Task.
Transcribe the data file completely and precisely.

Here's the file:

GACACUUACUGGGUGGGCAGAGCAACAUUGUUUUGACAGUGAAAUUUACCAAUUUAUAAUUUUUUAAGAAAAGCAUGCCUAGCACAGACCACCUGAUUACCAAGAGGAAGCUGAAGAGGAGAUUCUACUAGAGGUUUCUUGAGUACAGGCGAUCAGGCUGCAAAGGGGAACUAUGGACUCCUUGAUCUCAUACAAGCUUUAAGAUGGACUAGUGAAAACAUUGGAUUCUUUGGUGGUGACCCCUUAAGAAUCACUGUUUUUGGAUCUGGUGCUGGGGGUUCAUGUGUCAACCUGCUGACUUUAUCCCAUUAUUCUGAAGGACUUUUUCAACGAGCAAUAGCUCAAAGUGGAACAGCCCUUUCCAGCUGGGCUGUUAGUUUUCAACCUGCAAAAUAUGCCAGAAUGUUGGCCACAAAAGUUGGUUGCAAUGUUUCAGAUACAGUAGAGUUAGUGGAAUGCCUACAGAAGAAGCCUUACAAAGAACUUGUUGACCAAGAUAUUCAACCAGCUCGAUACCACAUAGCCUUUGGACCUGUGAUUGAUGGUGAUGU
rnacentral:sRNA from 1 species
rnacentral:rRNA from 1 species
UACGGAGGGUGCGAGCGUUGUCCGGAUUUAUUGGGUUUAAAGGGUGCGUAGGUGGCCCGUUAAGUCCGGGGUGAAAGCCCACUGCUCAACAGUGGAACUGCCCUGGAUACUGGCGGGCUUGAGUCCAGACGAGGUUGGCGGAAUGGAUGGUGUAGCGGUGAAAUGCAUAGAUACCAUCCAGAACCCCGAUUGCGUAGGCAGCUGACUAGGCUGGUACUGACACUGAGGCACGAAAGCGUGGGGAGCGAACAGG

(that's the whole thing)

GACACUUACUGGGUGGGCAGAGCAACAUUGUUUUGACAGUGAAAUUUACCAAUUUAUAAUUUUUUAAGAAAAGCAUGCCUAGCACAGACCACCUGAUUACCAAGAGGAAGCUGAAGAGGAGAUUCUACUAGAGGUUUCUUGAGUACAGGCGAUCAGGCUGCAAAGGGGAACUAUGGACUCCUUGAUCUCAUACAAGCUUUAAGAUGGACUAGUGAAAACAUUGGAUUCUUUGGUGGUGACCCCUUAAGAAUCACUGUUUUUGGAUCUGGUGCUGGGGGUUCAUGUGUCAACCUGCUGACUUUAUCCCAUUAUUCUGAAGGACUUUUUCAACGAGCAAUAGCUCAAAGUGGAACAGCCCUUUCCAGCUGGGCUGUUAGUUUUCAACCUGCAAAAUAUGCCAGAAUGUUGGCCACAAAAGUUGGUUGCAAUGUUUCAGAUACAGUAGAGUUAGUGGAAUGCCUACAGAAGAAGCCUUACAAAGAACUUGUUGACCAAGAUAUUCAACCAGCUCGAUACCACAUAGCCUUUGGACCUGUGAUUGAUGGUGAUGU
rnacentral:sRNA from 1 species
rnacentral:rRNA from 1 species
UACGGAGGGUGCGAGCGUUGUCCGGAUUUAUUGGGUUUAAAGGGUGCGUAGGUGGCCCGUUAAGUCCGGGGUGAAAGCCCACUGCUCAACAGUGGAACUGCCCUGGAUACUGGCGGGCUUGAGUCCAGACGAGGUUGGCGGAAUGGAUGGUGUAGCGGUGAAAUGCAUAGAUACCAUCCAGAACCCCGAUUGCGUAGGCAGCUGACUAGGCUGGUACUGACACUGAGGCACGAAAGCGUGGGGAGCGAACAGG